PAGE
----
Delissa Kimmince derailed England with career-best figures of 5 for 26 to set up Australia’s four-wicket win in the second ODI at Grace Road in Leicester on Thursday (July 4). In a game that followed a pattern similar to that of the first ODI, Australia held their nerve after England had been in a strong position thanks to Tammy Beaumont’s sixth ODI century.
Kimmince played for Yorkshire Diamonds in the 2018 edition of the Women’s Cricket Super League and it is fair to say she did not have a good competition with the ball in that tournament. Her returns read, two wickets from nine games.
On Thursday, she showed the skills that have made her an important part of this Australia side: variation with the ball, athleticism in the field and grit with the bat. The allrounder may not be seen as a star draw, but there is a heart to her game that means she gives everything.
Earlier in the day, England was forced into a change before a ball was bowled as an ankle niggle kept Sarah Taylor on the sidelines.
After the early loss of Amy Jones caught trying to flick through mid-wicket England consolidated through Beaumont and Heather Knight. The pair added 70 for the second wicket. It should have set the base for a competitive total, but England’s lower-middle order failed to kick on.
It was Kimmince who changed the course of the game on a slow pitch. She used her cutters and cross seam deliveries to good effect, making it hard for the batters to understand the pace of a wearing pitch.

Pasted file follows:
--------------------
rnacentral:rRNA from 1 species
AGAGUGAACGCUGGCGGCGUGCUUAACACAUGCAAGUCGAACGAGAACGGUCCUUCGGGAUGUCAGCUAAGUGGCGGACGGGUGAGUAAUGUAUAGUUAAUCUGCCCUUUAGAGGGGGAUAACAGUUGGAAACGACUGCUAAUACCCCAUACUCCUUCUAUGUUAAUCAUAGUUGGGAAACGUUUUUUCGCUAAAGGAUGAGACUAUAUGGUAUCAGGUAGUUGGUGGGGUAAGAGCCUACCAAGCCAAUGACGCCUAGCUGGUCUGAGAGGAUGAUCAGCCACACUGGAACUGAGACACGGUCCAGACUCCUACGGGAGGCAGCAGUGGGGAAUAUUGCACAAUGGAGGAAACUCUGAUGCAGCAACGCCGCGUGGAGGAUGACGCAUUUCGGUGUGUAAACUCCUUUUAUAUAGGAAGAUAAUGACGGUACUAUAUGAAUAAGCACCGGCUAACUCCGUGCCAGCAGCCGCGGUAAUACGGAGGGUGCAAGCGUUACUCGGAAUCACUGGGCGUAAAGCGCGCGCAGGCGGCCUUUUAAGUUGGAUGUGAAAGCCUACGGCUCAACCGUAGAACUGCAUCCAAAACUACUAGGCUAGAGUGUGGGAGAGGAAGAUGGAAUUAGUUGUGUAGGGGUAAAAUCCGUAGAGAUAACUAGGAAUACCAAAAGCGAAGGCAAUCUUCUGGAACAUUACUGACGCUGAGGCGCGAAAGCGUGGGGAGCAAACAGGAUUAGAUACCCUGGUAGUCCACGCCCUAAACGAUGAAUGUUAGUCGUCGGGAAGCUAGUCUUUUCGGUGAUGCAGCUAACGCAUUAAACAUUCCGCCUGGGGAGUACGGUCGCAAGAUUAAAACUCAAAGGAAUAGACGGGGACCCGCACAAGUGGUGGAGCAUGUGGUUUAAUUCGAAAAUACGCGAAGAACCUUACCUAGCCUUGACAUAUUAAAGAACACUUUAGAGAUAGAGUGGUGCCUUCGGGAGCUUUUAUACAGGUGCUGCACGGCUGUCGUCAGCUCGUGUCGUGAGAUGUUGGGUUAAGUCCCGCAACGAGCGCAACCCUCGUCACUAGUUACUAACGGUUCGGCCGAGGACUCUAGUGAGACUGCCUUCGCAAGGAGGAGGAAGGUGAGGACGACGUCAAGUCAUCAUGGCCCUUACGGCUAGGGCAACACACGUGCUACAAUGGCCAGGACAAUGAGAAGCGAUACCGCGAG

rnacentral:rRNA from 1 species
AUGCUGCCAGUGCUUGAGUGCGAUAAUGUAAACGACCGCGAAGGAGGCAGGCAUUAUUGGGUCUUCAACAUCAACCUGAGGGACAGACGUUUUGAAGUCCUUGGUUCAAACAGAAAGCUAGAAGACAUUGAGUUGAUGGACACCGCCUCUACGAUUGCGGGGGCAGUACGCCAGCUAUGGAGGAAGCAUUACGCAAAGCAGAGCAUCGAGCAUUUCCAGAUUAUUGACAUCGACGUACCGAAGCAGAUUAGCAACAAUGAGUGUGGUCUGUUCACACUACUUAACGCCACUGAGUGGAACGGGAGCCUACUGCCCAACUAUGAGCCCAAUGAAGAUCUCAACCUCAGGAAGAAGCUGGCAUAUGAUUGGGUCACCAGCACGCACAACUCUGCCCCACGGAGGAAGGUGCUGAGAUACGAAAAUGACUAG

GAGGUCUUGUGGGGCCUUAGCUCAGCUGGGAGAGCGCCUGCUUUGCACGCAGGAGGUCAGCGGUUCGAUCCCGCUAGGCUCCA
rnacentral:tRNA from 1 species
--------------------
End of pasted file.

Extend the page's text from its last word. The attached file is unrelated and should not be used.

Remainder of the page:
While the lower order kept England in the game during the first ODI, in the second game, they lost their last six wickets for just 34 runs. Their total of 217 all out was well below par, and was always going to be difficult to defend.
The failure of the rest of the line-up highlights the maturity and skill of Beaumont’s innings. She said that she “never felt in.”
When England went out to field there was a determination to give it their best shot. Early wickets were going to be key and they did just that. Nicole Bolton nicked a wide delivery and Alyssa Healy followed her an over later.
Anya Shrubsole looked to have a plan to the Australian wicketkeeper keeping it out wide of off-stump and it paid off as Healy hit another wide delivery to Danni Wyatt at point.
Those wickets brought Ellyse Perry and Meg Lanning to the middle. Both looked comfortable at the crease. They were able to play low-risk cricket and still find the boundary.
However, against the run of play, Lanning was bowled by a Katherine Brunt slower ball that not only saw her end to the game but nearly Brunt’s as well. In celebrating the wicket of Lanning for 18 Brunt jarred her ankle and had to leave the field.
England were on top having reduced Australia to 59 for 3. Laura Marsh was keeping the run-rate down as her off-spin proved difficult to get away.
Perry carried on doing Perry things while Rachael Haynes at the other end played calmly. They weren’t going at any express pace in the chase but Haynes did hit a sweetly timed six off Sophie Ecclestone.
There was a debate about whether Perry had been stumped on four. The replays were not conclusive mainly down to the angle of the square-leg camera. Perry was given the reprieve and continued on her merry way. By the time the allrounder was dismissed, she had scored a valuable 62.
At 158 for 6, still requiring 60 runs, lesser teams might have panicked but Australia showed the strength of their batting. Beth Mooney (43*) and Jess Jonassen (31*) played sensibly, looking for the quick singles and dispatching the bad ball. They took Australia home without any further hiccups.
The third ODI will move on to Canterbury on Sunday (July 7). Another win for Australia there should all but retain the Ashes. England will need to turn things around quickly.
England 217 all out (Beaumont 114, Wyatt 25; Kimmince 5-26) lost to Australia 218-6 (Perry 62, Mooney 43*, Jonassen 31*, Shrubsole 3-47) by 4 wickets.